Leading disc supplier Paragon Media grew from George Ricci’s 1986 videotape duplication niche

Paragon Media, whose roots were planted deep in Chicago as a small niche custom-duplication business back when videotape was king, celebrates its 20th anniversary this year.

Founded by George Ricci in 1986, Premiere AVD grew and morphed into Seattle-headquartered Paragon Media, one of the biggest suppliers of business-to-business CDs and DVDs.

Last year was Paragon’s best ever. Ricci won’t reveal the privately held company’s sales figures, but says Paragon posted an overall 5% growth “and the Chicago branch had its best year ever.”

That’s quite an achievement, considering the thousands of competitive disc duplicators clamoring for your business.

Paragon in 2005 processed five million copies of CDs and DVDs, invested $400,000 in the latest duplication and replication equipment, and increased staff by 12%.

Paragon’s business comes from Corporate America, “which caters to education and medical and pharmaceutical markets, for example,” Ricci says of long-established clientele.

More business is going over to DVDs from video than in the past, as DVDs are an ideal visual marketing and training tool. “By the end of the year, DVDs will be miles ahead of CDs,” Ricci says.

Paragon’s Wauconda facility, which Ricci founded in ’86, produces around 60,000 discs a month.

Six of Paragon’s full and part-time 40 employees are located in the 5,000-sq. ft. Wauconda plant, managed by Greg Ricci. Sales director Don Conway just celebrated 10 years with the company, and Kevin Kobla joined exactly a year ago. Both previously had been with Allied Vaughn.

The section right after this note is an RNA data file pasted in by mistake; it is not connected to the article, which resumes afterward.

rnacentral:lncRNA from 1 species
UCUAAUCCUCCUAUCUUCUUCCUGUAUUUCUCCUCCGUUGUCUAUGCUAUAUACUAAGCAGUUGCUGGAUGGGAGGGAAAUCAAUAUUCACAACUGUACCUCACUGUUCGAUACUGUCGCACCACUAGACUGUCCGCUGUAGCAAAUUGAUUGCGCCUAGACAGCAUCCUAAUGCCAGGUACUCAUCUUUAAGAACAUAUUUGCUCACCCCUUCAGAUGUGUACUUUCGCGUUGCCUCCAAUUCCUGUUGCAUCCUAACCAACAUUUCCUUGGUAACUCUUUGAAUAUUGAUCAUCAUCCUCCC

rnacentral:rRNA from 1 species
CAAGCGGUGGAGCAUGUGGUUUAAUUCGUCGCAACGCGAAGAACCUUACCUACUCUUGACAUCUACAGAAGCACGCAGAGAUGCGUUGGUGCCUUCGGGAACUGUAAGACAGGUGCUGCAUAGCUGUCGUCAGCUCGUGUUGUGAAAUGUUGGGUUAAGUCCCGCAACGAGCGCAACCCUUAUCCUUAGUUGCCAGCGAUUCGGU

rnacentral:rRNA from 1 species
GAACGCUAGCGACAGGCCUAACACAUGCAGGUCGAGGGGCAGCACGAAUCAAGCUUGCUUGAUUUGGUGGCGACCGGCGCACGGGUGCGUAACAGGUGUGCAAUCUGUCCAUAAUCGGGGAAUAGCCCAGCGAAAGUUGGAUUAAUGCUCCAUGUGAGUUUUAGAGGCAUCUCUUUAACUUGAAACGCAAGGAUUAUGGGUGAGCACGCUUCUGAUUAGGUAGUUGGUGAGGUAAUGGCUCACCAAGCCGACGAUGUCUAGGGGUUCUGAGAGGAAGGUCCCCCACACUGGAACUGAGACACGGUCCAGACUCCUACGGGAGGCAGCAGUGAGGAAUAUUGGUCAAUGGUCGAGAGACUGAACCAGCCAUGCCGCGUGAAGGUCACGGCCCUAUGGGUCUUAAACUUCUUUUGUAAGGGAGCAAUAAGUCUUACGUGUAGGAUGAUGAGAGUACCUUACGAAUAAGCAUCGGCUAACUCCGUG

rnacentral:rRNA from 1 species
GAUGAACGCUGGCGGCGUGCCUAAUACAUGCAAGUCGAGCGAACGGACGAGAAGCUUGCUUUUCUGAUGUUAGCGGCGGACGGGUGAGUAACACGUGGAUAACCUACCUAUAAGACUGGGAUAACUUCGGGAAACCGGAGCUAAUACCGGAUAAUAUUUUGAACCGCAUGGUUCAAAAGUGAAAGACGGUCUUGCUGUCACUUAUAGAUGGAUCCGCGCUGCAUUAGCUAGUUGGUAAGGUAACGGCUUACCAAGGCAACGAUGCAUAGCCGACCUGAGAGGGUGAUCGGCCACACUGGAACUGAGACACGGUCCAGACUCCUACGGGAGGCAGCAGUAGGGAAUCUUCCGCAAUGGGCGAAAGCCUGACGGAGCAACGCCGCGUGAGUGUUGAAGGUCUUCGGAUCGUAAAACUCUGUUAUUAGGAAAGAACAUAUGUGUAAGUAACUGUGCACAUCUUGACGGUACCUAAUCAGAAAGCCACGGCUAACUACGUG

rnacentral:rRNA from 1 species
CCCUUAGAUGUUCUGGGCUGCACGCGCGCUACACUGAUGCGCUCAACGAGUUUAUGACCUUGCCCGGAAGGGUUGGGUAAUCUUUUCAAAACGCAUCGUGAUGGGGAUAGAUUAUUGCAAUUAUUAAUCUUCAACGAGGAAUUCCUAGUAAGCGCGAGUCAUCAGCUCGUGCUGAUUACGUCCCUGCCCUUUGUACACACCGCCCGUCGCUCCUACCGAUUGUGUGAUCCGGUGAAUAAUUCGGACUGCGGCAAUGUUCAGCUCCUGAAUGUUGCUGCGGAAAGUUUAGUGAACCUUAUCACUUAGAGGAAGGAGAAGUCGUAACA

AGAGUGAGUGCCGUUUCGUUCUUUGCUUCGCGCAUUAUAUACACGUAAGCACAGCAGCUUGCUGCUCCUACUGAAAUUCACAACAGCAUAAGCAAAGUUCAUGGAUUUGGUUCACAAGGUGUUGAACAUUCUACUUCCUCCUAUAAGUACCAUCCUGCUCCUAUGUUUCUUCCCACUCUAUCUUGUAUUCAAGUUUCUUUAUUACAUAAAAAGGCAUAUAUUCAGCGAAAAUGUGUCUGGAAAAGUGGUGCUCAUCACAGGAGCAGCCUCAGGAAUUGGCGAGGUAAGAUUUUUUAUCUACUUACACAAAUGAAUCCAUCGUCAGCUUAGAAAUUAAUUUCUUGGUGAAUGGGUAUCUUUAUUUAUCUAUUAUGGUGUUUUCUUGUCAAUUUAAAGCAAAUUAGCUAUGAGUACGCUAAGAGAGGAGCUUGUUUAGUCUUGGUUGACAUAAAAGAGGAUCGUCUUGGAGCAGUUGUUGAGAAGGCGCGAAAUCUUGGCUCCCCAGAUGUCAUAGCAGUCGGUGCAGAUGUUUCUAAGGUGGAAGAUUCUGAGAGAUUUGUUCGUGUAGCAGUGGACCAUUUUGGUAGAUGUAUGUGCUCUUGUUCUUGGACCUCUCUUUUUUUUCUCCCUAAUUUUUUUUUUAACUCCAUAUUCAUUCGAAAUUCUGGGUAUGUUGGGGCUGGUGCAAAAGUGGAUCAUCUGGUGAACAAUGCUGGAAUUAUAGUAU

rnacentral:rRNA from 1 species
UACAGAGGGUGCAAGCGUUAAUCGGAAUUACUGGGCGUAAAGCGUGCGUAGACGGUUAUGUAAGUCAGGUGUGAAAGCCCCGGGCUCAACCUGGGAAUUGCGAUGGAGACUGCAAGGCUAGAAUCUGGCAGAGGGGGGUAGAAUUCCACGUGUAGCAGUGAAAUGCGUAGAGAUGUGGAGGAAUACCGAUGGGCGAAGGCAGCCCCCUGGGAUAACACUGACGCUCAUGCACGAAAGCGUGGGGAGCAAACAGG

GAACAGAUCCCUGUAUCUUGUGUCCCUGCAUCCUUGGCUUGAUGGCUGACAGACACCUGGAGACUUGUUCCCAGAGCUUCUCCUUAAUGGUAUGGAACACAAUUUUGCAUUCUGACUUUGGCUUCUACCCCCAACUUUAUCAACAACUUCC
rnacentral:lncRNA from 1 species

“We’re looking for a 10% annual growth in Chicago,” Ricci says confidently.

Ricci starts Premiere while living in Seattle

Like many film industry professionals, Ricci, a Northwest Side native, has trod a narrow track. His duplication business path began in the mid-?70s when then-giant Teletronics International of New York hired him to open a Midwest operation in Des Plaines.

After Teletronics pulled out a few years later, Columbia Pictures tapped Ricci as executive vice president to launch movie and corporate videocassette services in Elk Grove Village.

In 1982, Ricci founded Video Dub Illinois in a downtown office to duplicate commercials. The following year Amaray International, a manufacturer of storage cases for videocassettes, brought him out to Seattle as company CEO.

While living in Seattle, a city his wife had come to love, Ricci founded Premiere AVD back in Wauconda with $250,000 of his own money and $750,000 borrowed from a bank.

The niche he filled was custom-loading, i.e., providing duplicators with the exact length of tape for the VHS program being duplicated.

“If a client had a 13-minute show, we duplicated that length, as opposed to selling standard 30/60/90-minute cassettes,” he says.

For years Ricci spending 10 days here, five days in Seattle, and begin easing cutting back on commuting as business took hold. He now visits once every quarter.

Premiere acquired a controlling interest in Seattle’s Paragon Group in 1997 and merged with it in 2002. Paragon also has a branch in Atlanta.

At the 20 year mark, Ricci finds it’s hard to determine what the future holds, “although we try to follow the trends.”

As an example, he says, “We’re experiencing a slight increase this year over last year in our videocassette business, which has completely died for many companies.

“It’s a little bit of the last Indian standing.”

Paragon Media is located at 274 Jamie Lane, Wauconda; phone, 847/526-1800. See www.paragongroup.com.